13 March 2018

Modigliani revival at the Tate Modern

What a creative life and a tragic death Amadeo Modigliani (1884–1920) had. He left home in Livorno Italy in 1906, at 21, with money from his mother, and moved to the centre of the art world: Paris. He was en­grossed by the works he saw, from artists ranging from the late Paul Cézanne to his cont­emporary Kees van Dongen.

Modigliani lived at various addresses in the boh­emian district of Montmartre, not far from Pablo Picasso’s home. In the early days in Paris, Amadeo’s sub­jects included figures from the demimonde eg circus performers. But during the 13 years that followed, he struggled with the dark side which, in turn, strengthened his art.

Modigliani’s years of poverty were clear from the beginning – he was tubercular, hungry and poor. The consequences of his short and disordered life have resulted in debates amongst scholars, museums, dealers, auction houses and private collectors. His official cat­al­ogue raisonné is no longer 100% trusted because of disputed forg­eries and subsequent court cases. But at least the authenticity of Dr Paul Alexandre’s wonderful collection of Modiglianis was never chall­enged.

The very handsome Amadeus Modigliani

Now the Tate Modern in London has brought together drawings, paintings and sculptures by Modigliani which might help with understanding his art. All the early work done in Italy was destroyed at Modigliani’s own request. So the Tate Exhibition consists of paintings and carved stone sculpture done during his chaotic, artistic life in Paris.

The paintings were sensitively hung in the Tate Mod­ern galleries, with their colours creating a radiance. And the display ref­lected Amadeus’ progress over time. In 1909, he painted a very handsome portrait of his friend Paul Alexandre with layers of al­most Turner-like brushwork. That same year he depicted the youth he referred to as a Young Gypsy with a stylised geometric angularity, posing him with legs spread apart and hands loosely resting in his lap. In 1918, Modigliani painted the Little Peasant with a simp­lif­ied classicism but left him with the same rounded hands and arms a la Paul Alexandre but in a lighter palette.

What about the 12 nudes in the same section of the Tate, perfectly timed to mark the 100-year annivers­ary of Modigliani’s only solo show. That exhibit, at Gallerie Ber­the Weill, was closed by police on its first day because of indecency. The heroic Mrs Weill’s im­pressive list of artists included Raoul Dufy, André Derain, Georges Braque, Kees van Dongen, Maurice Utrillo and Suzanne Valadon.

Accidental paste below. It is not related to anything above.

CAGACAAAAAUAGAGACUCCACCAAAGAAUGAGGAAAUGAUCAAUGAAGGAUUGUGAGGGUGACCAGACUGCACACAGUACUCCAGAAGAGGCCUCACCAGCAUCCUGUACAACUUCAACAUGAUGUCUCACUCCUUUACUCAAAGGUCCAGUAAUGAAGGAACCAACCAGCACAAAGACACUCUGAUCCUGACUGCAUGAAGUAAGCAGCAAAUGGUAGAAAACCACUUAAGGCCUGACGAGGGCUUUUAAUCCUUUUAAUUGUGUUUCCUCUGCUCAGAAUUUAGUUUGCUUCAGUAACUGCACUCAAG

Paul Alexandre by Modigliani

Tate is showing the 1919 Self-Portrait owned by Brasil’s Museu de Arte. This paintings crys­tallised everything Modigliani saw in his idol Cezanne, but made it person­al. Plus paintings of the saucy Maud Abrantès stand out. She may have been the mistress of both Modigliani and his patron Alexandre, but was married to an art dealer. Maud was probably the model for The Jewess, a painting that was inspired by the Fauves. Modig­liani must have loved The Jewess; he exhibited it in the 1908 Salon des Indép­endants.

Was being Jewish in post-Dreyfus Paris a problem? Modigliani was not interested in the issue! While there were several memoirs that des­c­ribed Modigliani’s passionate response to anti-Semitism, there was no evidence that he felt himself an “outsider”. This cosmop­olitan family had come from France, Tunisia, Italy, Algeria and Sardinia; national boundaries melted away. In Paris, his friends included many Jewish artists eg Lipchitz, Soutine, Chagall, Zad­kine, Nadelman and Kisling, artists of mixed origin eg Diego Rivera, and non-Jews like Picasso, Laurens, Gris and Cocteau. If he was consid­ered Italian, it was because of his dashing, aris­tocratic style.

The end was tragic. Amadeus’s young lover Jeanne Hébuterne was 36 weeks pregnant with their second baby. Suffering from acute kidney pain and spitting blood, Modigliani lay in bed and a frightened Hébuterne huddled by his side in their Rue de la Grande Chaumière flat. They were cold that winter, hungry and messy. When he finally fell into a coma, Modigliani was carried to hospital and tended by nuns while friends surrounded him.